Appurtenancy not coming back, but social licence is key: Horgan


Premier John Horgan speaks at the Council of Forest Industries Convention in Prince George Friday. Bill Phillips photo
Premier John Horgan speaks at the Council of Forest Industries Convention in Prince George Friday. Bill Phillips photo

BY BILL PHILLIPS

bill@pgdailynews.ca

Premier John Horgan was was unequivocal in denouncing the Liberal government’s rewriting of the Forest Act in 2003.

It simply hasn’t worked he 500 people gathered for the Council of Forest Industries convention in Prince George last week. And while Horgan said changes need to be made, putting the appurtenance clause, mandating forest companies to process timber in the area its harvested, isn’t on the table.

“Appurtenancy disappeared in 2003 and it’s certainly been my experience that putting genies back in bottles is very, very difficult on a good day,” he told reporters after his speech to delegates. “… We can’t recreate that.”

He did, however, talk about social licence which involves making sure “communities feel connected to the forest they depend on.”

Horgan said he has talked with forest company executives about making sure that companies that work in and around communities have the support of the the people in those communities.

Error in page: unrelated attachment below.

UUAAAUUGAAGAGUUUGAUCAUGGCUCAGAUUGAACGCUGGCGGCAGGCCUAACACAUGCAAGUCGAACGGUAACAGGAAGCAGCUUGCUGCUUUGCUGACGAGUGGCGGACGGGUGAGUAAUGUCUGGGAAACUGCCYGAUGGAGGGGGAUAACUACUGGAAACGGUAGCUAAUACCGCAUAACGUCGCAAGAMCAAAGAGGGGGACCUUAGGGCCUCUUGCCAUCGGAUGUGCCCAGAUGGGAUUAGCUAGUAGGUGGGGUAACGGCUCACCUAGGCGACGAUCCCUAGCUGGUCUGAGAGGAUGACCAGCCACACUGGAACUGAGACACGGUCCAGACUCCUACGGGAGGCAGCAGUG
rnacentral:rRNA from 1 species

“They are our forests, they belong to all of us,” he said. “Public forests belong to the people. We need to make sure the tenure holders, who we’ve given the opportunity to make wealth off of our land, are doing in a way that meets the needs of everyone … Appurtenancy is not coming back, but social licence has to be reinforced.”

Raw log exports has also been an issue in recent years as exports increased dramatically under the previous Liberal government. Horgan said banning raw log exports completely is also not on the table.

“This is a big challenge,” he said. “In my community, there are logs leaving Jordan River going past where the mill used to be, going past two other mills, getting to Port Alberni and going off to somewhere else … The solution is making sure those logs can be purchased here in B.C. by remanufacturing operators and making sure the logs stay here for highest, best use, which was the Liberal intention in 2003, but was colossal failure.”

Rather than simply revert back to the way things were in 2003, Horgan said government needs to make “the policy of the future to keep logs here, to keep jobs here.”